Business economists expect inflation to increase in the fourth quarter and stay elevated for years, according to a new survey.
Nearly three-quarters of the economists surveyed by the National Association for Business Economics said that they don't expect annual inflation to fall below the Federal Reserve's 2% target until the second half of 2023 or later.
NABE Vice President Julia Coronado, the founder and president of MacroPolicy Perspectives, said in a news release that the survey panelists have “significantly” ramped up their inflation expectations since September.
“The core consumer price index, which excludes food and energy costs, is now expected to rise 6.0% from the fourth quarter of 2020 to the fourth quarter of 2021, compared to the September forecast of a 5.1% increase over the same period,” she said.
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Additionally, two-thirds of the economists said they expect wage increases to keep prices high over the next three years.
NABE panelists also downgraded their economic growth forecasts for the second NABE survey in a row. The median prediction of inflation-adjusted gross domestic product growth from the end of 2020 to the end of 2021 is now at 4.9% — down from a 5.6% forecast in September and a 6.7% prediction back in May.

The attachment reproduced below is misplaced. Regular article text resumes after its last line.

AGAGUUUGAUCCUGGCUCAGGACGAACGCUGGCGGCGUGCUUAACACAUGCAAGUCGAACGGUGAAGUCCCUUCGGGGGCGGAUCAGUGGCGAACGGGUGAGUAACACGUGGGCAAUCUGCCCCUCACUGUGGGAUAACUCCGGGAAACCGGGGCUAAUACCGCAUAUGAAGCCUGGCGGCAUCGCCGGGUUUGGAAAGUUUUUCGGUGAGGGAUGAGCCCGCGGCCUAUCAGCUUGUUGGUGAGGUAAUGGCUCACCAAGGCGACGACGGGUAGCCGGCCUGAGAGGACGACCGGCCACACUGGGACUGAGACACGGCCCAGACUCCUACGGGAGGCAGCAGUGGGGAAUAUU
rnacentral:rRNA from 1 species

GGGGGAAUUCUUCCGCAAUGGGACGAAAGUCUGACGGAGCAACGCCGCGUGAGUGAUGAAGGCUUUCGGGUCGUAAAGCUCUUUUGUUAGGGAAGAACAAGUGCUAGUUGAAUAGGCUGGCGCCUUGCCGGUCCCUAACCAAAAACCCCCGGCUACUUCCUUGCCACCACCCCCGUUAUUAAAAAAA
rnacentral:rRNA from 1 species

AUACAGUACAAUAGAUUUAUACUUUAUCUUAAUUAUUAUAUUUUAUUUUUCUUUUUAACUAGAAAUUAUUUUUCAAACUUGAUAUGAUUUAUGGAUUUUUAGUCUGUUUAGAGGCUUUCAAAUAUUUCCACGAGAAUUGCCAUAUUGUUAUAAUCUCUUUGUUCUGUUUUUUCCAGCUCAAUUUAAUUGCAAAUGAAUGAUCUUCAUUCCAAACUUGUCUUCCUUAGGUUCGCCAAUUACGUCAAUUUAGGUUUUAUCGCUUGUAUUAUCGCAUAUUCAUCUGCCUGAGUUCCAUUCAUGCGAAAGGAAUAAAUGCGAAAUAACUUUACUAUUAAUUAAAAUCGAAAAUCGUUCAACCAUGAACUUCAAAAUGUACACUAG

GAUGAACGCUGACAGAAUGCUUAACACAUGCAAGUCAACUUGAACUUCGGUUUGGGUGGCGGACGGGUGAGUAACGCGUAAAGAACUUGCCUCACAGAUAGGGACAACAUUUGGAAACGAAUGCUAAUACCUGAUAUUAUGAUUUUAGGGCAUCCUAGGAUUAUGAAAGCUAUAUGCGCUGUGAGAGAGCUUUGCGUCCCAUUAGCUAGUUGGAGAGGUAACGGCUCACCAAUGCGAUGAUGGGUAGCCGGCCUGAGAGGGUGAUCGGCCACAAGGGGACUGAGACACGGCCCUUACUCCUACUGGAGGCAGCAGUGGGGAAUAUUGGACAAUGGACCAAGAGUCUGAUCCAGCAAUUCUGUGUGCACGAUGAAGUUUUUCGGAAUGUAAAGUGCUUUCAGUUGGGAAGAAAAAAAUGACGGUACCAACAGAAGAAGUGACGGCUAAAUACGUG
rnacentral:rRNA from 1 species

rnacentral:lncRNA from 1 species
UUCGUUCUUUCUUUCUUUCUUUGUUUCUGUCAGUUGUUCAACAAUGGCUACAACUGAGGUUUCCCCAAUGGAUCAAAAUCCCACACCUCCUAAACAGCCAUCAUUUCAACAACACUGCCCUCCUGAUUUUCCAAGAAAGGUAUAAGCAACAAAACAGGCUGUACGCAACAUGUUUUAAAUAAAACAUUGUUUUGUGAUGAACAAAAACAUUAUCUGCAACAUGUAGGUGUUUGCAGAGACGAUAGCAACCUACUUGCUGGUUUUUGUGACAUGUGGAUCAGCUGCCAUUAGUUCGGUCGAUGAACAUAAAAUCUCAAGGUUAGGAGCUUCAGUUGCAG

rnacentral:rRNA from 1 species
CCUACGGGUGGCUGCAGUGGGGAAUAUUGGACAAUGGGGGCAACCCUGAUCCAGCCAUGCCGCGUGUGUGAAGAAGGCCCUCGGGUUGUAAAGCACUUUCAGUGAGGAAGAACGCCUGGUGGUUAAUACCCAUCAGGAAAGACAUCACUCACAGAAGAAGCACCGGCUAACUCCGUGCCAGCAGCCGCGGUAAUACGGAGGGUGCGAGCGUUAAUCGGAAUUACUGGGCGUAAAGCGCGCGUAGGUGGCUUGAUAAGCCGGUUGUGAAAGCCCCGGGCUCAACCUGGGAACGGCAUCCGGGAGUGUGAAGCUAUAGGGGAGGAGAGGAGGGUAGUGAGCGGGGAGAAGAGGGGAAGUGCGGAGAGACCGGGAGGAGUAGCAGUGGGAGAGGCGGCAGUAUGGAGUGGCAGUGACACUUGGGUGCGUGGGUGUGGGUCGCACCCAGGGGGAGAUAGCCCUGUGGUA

On a positive note, more than half of those surveyed said they expect the U.S. to reach full employment within a year. The November jobs report was a disappointment and fell flat of expectations, although the unemployment rate ticked down by 0.4 percentage points to 4.2%, where it was in mid-2017.
Still, the economy is millions of jobs short from before the pandemic, when the unemployment rate was at 3.5%, its lowest level in decades.
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Inflation clocked in at 6.2% for the year ending in October, nearly 0.5% above predictions and the highest level in three decades. The new, highly anticipated consumer price index numbers for November will be released on Friday, and forecasters predict that the rate of inflation will increase to 6.7% on a year-over-year basis.
Inflationary pressures have prompted Fed Chairman Jerome Powell to say that the central bank may move more quickly toward raising its interest rate target.